Holiday time semantics

Min Atek

What you need to know:

One man of the robes asked a fundamental question to every parent. How can you wash your car from a washing bay when you have relatively grown children at home?

Many years ago, and it’s quite amazing how quickly the time has flown by, my dearest friend Nantale who has since rested from the physical world told me that she always took leave when the children were on holiday. At the same time, she gave her domestic assistants leave and took on the role of spending quality time with her children. Because they were all by themselves, she together with the children worked together, played together, fought together and bonded together.

I was always amazed by this ritual. It gave her quality time to grow with them, to instil in them her set of values and beliefs and also allowed them to bond together and to connect at different levels

The thing about this parenting journey is that when you’re going through it, it is easy to miss the fact that it is a very fast paced season. One moment the children are little and completely dependent on you and the next moment they have grown taller and bigger than the parents.

This is something I exercise myself too. To continually and regularly review my relationship with the children. I check myself on how well I am relating, communing, communicating, grooming, grounding, guiding, nurturing, inspiring, motivating and directing them.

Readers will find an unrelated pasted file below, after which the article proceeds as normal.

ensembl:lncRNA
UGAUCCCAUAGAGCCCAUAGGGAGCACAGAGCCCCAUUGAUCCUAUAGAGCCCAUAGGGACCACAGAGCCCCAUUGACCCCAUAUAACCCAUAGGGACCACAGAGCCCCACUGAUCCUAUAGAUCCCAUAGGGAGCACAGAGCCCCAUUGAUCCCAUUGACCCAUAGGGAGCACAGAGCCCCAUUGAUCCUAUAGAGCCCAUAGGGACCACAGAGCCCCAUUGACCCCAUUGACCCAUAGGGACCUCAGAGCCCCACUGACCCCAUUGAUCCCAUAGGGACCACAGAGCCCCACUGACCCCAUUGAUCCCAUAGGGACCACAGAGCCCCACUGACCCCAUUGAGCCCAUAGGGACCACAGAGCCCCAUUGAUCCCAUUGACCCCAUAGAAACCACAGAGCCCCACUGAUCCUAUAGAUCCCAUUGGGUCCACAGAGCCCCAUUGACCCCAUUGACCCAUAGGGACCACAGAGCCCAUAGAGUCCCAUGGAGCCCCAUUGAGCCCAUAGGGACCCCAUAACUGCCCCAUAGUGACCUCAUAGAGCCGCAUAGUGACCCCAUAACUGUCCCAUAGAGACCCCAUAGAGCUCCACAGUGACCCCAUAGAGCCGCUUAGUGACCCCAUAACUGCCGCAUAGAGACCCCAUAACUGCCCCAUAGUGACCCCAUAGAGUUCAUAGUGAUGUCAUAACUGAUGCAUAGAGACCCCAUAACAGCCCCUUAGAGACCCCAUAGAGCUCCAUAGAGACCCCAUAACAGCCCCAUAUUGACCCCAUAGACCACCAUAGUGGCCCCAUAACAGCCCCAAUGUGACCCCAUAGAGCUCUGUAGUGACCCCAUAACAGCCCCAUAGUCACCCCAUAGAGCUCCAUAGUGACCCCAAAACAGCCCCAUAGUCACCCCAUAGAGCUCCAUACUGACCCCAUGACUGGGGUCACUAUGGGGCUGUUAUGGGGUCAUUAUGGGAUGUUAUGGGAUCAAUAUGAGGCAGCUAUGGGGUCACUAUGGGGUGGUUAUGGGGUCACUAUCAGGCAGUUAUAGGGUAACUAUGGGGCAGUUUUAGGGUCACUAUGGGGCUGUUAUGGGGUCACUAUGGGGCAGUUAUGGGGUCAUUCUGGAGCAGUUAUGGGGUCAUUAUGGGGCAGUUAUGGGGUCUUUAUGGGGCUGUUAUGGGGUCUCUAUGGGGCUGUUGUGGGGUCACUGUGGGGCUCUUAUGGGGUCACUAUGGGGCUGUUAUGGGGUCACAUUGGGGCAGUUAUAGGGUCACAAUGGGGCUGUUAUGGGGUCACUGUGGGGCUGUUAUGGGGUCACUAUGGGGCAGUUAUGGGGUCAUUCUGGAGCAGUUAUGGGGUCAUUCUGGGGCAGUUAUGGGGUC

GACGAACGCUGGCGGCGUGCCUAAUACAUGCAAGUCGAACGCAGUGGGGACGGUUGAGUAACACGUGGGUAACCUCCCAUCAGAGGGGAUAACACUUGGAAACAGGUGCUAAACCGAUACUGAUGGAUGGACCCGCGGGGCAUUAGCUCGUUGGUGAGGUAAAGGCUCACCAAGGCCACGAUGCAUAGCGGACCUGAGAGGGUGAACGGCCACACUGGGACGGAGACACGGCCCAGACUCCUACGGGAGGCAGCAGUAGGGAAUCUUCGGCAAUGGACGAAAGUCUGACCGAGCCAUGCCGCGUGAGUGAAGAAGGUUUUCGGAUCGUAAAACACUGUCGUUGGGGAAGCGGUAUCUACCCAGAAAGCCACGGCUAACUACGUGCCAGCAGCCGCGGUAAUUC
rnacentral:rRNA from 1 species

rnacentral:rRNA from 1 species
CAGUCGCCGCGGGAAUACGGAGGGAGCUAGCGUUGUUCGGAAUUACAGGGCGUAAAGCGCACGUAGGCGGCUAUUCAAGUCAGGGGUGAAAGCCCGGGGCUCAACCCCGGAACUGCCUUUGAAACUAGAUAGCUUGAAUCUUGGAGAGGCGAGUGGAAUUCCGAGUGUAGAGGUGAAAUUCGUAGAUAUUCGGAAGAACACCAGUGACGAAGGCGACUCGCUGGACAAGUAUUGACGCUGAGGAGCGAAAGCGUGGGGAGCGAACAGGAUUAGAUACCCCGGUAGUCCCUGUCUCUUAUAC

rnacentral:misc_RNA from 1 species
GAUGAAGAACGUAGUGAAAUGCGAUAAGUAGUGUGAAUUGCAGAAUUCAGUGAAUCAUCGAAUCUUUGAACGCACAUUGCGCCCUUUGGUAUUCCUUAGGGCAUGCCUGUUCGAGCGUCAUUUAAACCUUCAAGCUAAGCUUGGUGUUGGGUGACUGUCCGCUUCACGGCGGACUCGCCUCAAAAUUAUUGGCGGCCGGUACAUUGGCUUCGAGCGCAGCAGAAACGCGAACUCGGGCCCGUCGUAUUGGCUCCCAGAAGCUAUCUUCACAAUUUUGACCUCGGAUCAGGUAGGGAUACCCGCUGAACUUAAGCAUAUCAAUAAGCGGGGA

I often throw them in deep end situations to challenge them to be thoughtful, to be creative and to innovate. Last night, I sat with them to speak about the fact oftentimes, children bring insects and bugs from boarding school which affects all of us.

One man of the robes asked a fundamental question to every parent. How can you wash your car from a washing bay when you have relatively grown children at home? How can you have a maid cooking all the meals at home when you have children who could confidently clean the house and make food?

The holidays are times of rest for the children but that should not translate into simply sleeping endlessly, watching television into the wee hours of the morning, eating everything in the house and roaming the entire neighborhood.

Holidays should be double edged. There’s times to rest from the rigours of school and academia but also offer the time for the children to strengthen their social and hospitable skills.

In a generation where everything is worked by technology and artificial intelligence, it’s critical that the children are empowered to know how to live the day to day life. To be creative, to be sensitive, considerate and mature. How well can they hold and sustain conversations? What is their emotional intelligence like?

Can they slaughter a chicken, feed goats or milk cows? Are they familiar with the running of day to day errands at home? Do they know what after sweeping the compound, the leaves can work as manure or mulching for the vegetable garden? Can they rear rabbits at home and do they know that rabbit meat is a great source of in. The holidays offer us valuable learning time for the present and future. May God help us all.


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